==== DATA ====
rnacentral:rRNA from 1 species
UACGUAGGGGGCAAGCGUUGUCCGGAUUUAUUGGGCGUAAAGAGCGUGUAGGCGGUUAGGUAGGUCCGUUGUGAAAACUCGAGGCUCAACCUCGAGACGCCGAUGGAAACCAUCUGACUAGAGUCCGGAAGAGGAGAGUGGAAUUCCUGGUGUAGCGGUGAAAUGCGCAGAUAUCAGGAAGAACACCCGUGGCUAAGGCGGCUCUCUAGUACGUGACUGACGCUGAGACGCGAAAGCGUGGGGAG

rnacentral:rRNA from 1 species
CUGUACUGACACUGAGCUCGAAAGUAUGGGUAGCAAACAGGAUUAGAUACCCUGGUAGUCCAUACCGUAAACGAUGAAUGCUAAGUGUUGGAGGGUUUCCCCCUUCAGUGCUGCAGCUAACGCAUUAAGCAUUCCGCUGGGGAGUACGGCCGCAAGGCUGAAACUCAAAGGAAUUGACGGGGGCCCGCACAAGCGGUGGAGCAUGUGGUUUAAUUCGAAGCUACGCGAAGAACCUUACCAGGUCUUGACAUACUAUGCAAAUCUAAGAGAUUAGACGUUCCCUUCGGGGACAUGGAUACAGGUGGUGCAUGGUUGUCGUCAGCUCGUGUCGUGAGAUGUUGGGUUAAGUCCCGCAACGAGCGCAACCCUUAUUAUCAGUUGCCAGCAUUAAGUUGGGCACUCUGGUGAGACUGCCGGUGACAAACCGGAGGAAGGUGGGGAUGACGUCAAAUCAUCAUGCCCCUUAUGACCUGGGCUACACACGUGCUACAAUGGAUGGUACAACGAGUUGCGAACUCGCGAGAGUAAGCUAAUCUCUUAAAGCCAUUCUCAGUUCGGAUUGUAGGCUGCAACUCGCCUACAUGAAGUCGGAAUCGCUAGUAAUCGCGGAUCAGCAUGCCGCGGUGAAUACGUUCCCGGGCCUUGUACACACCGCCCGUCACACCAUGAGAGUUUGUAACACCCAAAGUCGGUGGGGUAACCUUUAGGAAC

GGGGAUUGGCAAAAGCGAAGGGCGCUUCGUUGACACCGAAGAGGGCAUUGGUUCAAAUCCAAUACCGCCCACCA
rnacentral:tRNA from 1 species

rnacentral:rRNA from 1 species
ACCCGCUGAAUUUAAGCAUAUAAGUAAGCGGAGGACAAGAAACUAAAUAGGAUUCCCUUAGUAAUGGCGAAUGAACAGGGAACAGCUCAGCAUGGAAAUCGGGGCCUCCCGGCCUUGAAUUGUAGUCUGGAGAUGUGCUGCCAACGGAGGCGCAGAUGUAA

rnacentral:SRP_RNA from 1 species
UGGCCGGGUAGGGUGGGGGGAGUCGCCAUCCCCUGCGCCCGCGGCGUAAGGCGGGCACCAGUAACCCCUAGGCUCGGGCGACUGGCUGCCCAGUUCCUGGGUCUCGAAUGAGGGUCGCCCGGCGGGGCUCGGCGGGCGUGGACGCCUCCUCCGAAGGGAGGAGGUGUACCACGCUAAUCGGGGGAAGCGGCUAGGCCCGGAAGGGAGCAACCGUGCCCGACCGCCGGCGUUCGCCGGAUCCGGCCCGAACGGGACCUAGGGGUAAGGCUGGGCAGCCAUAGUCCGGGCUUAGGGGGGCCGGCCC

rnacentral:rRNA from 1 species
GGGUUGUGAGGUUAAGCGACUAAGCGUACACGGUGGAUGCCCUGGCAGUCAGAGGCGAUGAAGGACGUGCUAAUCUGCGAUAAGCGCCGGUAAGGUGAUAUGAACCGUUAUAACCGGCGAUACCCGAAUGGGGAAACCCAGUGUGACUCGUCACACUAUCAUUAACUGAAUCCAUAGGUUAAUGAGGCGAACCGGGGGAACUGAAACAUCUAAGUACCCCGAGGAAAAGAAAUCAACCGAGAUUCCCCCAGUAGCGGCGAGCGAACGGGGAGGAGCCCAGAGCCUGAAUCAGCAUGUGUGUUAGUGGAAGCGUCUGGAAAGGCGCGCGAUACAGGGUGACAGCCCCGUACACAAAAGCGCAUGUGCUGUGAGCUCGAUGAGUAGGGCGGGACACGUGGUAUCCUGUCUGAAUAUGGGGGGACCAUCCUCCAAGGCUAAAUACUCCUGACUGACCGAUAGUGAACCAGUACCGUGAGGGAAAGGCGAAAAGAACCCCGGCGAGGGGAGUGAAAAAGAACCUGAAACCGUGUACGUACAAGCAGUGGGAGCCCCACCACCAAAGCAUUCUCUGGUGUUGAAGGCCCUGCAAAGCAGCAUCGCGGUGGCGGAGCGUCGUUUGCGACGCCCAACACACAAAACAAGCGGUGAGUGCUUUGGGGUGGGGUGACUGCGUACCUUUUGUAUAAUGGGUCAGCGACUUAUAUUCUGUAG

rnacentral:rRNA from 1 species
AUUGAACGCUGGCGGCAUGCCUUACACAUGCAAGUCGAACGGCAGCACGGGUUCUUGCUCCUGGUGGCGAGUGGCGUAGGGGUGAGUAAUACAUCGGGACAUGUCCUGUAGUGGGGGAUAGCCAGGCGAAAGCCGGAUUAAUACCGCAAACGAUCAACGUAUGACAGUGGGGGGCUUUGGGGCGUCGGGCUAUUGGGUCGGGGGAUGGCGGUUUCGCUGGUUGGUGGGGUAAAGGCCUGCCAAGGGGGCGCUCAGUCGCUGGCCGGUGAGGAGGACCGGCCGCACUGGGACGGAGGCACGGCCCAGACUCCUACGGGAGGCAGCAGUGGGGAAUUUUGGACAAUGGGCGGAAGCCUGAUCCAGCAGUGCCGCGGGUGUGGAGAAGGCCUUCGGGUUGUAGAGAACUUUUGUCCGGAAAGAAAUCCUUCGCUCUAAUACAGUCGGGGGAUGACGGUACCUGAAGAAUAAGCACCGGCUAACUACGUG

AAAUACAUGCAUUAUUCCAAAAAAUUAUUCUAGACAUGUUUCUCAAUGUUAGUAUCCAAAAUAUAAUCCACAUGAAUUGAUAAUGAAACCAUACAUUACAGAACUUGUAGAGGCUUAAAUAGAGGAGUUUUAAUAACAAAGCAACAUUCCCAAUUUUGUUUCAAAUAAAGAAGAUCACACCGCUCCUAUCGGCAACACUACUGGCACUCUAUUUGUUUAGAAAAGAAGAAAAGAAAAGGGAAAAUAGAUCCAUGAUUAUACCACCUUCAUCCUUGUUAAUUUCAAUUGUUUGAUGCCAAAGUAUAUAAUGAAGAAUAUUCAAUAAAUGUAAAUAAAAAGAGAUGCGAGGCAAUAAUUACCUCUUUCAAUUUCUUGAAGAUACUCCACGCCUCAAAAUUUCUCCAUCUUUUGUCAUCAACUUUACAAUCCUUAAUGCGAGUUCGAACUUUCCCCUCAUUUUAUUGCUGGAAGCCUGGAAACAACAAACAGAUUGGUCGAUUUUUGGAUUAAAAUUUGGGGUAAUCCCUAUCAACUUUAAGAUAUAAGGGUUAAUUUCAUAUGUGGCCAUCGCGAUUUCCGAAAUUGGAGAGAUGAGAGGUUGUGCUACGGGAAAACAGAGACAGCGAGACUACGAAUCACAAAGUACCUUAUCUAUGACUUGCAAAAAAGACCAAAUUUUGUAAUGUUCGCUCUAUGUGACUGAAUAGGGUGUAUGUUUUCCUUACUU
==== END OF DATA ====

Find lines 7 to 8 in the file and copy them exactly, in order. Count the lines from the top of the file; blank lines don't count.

rnacentral:rRNA from 1 species
ACCCGCUGAAUUUAAGCAUAUAAGUAAGCGGAGGACAAGAAACUAAAUAGGAUUCCCUUAGUAAUGGCGAAUGAACAGGGAACAGCUCAGCAUGGAAAUCGGGGCCUCCCGGCCUUGAAUUGUAGUCUGGAGAUGUGCUGCCAACGGAGGCGCAGAUGUAA